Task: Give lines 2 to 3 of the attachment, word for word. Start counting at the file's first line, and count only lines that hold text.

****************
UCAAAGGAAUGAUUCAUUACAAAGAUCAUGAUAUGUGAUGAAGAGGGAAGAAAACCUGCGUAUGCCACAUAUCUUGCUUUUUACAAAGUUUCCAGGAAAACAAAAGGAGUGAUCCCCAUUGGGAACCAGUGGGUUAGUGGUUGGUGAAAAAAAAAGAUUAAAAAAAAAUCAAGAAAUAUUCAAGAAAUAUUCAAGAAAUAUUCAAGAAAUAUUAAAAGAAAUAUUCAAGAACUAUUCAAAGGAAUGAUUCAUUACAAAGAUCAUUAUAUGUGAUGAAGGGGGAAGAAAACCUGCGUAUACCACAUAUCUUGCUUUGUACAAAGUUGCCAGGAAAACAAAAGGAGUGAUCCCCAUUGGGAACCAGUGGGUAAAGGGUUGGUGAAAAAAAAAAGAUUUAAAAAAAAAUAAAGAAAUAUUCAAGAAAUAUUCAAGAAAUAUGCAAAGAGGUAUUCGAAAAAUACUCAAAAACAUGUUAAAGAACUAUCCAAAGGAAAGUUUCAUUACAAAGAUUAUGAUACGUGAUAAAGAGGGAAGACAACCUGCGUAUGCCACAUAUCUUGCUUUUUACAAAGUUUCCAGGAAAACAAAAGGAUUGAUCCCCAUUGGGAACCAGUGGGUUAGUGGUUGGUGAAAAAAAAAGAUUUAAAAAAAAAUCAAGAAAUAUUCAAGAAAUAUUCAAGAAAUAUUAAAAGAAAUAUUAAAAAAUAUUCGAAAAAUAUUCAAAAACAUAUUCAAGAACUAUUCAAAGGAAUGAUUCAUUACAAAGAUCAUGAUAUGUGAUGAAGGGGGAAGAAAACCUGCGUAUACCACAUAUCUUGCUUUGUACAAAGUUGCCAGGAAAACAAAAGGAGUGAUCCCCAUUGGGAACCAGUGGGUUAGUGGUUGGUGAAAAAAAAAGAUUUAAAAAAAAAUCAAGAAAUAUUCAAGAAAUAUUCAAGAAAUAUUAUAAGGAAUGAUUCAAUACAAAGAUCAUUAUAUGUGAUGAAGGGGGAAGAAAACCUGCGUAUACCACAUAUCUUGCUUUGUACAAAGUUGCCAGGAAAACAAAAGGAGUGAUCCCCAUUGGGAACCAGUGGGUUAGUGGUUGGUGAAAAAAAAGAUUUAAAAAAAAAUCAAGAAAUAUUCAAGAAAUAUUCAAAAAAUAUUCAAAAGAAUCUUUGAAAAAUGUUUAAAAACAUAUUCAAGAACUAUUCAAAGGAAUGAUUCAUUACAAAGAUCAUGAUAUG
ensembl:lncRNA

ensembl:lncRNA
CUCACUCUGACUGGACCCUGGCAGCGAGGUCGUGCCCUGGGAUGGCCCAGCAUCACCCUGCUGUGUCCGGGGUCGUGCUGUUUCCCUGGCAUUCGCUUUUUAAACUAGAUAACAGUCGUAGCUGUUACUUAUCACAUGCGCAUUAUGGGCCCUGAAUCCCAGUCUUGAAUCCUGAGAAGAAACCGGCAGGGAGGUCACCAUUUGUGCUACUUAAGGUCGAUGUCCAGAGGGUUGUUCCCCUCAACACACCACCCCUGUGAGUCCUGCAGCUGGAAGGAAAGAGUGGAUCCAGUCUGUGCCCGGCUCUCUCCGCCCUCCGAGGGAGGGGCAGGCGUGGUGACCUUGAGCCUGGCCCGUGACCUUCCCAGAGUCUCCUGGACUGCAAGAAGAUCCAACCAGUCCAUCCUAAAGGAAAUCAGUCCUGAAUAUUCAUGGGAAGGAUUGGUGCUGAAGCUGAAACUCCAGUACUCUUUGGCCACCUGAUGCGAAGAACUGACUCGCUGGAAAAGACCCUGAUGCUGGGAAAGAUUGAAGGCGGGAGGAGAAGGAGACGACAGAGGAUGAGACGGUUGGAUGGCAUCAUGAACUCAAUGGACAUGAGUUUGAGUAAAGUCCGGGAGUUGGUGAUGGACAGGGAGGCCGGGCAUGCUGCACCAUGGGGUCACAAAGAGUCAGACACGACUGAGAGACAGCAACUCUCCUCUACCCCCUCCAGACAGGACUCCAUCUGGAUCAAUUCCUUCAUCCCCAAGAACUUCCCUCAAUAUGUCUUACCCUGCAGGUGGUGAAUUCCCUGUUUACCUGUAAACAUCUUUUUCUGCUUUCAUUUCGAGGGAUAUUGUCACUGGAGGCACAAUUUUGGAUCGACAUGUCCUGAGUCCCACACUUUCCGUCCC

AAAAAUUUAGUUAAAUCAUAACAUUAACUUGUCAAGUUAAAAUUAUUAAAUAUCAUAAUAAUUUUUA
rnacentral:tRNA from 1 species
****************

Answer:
ensembl:lncRNA

ensembl:lncRNA